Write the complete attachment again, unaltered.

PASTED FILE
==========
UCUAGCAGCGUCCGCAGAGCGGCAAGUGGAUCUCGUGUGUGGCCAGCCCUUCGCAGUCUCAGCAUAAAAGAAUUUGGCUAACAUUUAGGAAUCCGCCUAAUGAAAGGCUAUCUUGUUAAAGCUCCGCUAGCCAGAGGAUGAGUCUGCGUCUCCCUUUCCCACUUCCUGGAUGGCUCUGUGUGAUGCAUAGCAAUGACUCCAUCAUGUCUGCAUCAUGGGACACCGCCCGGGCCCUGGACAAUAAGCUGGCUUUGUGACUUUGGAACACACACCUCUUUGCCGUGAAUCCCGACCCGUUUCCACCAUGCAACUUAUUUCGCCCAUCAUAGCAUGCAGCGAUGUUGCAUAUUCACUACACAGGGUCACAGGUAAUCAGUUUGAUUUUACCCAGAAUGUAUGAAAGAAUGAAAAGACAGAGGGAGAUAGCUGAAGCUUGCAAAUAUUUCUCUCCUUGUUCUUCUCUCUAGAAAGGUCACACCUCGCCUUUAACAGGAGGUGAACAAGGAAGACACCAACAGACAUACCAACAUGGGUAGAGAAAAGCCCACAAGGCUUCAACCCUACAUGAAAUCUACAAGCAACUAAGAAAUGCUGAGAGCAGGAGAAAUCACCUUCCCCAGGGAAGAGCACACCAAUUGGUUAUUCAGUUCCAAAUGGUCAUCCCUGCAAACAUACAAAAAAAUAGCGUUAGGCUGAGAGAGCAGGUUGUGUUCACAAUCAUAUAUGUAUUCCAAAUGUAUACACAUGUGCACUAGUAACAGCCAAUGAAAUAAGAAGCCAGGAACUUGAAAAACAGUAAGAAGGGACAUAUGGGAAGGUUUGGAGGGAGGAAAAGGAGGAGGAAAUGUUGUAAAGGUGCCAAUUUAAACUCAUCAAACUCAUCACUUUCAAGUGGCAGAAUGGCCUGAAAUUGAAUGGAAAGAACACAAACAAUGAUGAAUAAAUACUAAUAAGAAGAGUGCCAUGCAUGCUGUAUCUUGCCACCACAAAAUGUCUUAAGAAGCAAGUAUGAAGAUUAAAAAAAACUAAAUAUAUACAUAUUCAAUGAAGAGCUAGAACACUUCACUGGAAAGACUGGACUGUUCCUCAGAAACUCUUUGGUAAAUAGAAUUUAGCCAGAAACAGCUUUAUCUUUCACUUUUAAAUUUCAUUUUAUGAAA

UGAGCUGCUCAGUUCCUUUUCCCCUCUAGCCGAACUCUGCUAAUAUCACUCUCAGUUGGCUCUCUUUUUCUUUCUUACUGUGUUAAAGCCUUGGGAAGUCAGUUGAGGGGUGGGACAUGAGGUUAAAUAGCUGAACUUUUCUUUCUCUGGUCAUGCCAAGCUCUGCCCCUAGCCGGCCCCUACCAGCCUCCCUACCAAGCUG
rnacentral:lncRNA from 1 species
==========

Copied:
UCUAGCAGCGUCCGCAGAGCGGCAAGUGGAUCUCGUGUGUGGCCAGCCCUUCGCAGUCUCAGCAUAAAAGAAUUUGGCUAACAUUUAGGAAUCCGCCUAAUGAAAGGCUAUCUUGUUAAAGCUCCGCUAGCCAGAGGAUGAGUCUGCGUCUCCCUUUCCCACUUCCUGGAUGGCUCUGUGUGAUGCAUAGCAAUGACUCCAUCAUGUCUGCAUCAUGGGACACCGCCCGGGCCCUGGACAAUAAGCUGGCUUUGUGACUUUGGAACACACACCUCUUUGCCGUGAAUCCCGACCCGUUUCCACCAUGCAACUUAUUUCGCCCAUCAUAGCAUGCAGCGAUGUUGCAUAUUCACUACACAGGGUCACAGGUAAUCAGUUUGAUUUUACCCAGAAUGUAUGAAAGAAUGAAAAGACAGAGGGAGAUAGCUGAAGCUUGCAAAUAUUUCUCUCCUUGUUCUUCUCUCUAGAAAGGUCACACCUCGCCUUUAACAGGAGGUGAACAAGGAAGACACCAACAGACAUACCAACAUGGGUAGAGAAAAGCCCACAAGGCUUCAACCCUACAUGAAAUCUACAAGCAACUAAGAAAUGCUGAGAGCAGGAGAAAUCACCUUCCCCAGGGAAGAGCACACCAAUUGGUUAUUCAGUUCCAAAUGGUCAUCCCUGCAAACAUACAAAAAAAUAGCGUUAGGCUGAGAGAGCAGGUUGUGUUCACAAUCAUAUAUGUAUUCCAAAUGUAUACACAUGUGCACUAGUAACAGCCAAUGAAAUAAGAAGCCAGGAACUUGAAAAACAGUAAGAAGGGACAUAUGGGAAGGUUUGGAGGGAGGAAAAGGAGGAGGAAAUGUUGUAAAGGUGCCAAUUUAAACUCAUCAAACUCAUCACUUUCAAGUGGCAGAAUGGCCUGAAAUUGAAUGGAAAGAACACAAACAAUGAUGAAUAAAUACUAAUAAGAAGAGUGCCAUGCAUGCUGUAUCUUGCCACCACAAAAUGUCUUAAGAAGCAAGUAUGAAGAUUAAAAAAAACUAAAUAUAUACAUAUUCAAUGAAGAGCUAGAACACUUCACUGGAAAGACUGGACUGUUCCUCAGAAACUCUUUGGUAAAUAGAAUUUAGCCAGAAACAGCUUUAUCUUUCACUUUUAAAUUUCAUUUUAUGAAA

UGAGCUGCUCAGUUCCUUUUCCCCUCUAGCCGAACUCUGCUAAUAUCACUCUCAGUUGGCUCUCUUUUUCUUUCUUACUGUGUUAAAGCCUUGGGAAGUCAGUUGAGGGGUGGGACAUGAGGUUAAAUAGCUGAACUUUUCUUUCUCUGGUCAUGCCAAGCUCUGCCCCUAGCCGGCCCCUACCAGCCUCCCUACCAAGCUG
rnacentral:lncRNA from 1 species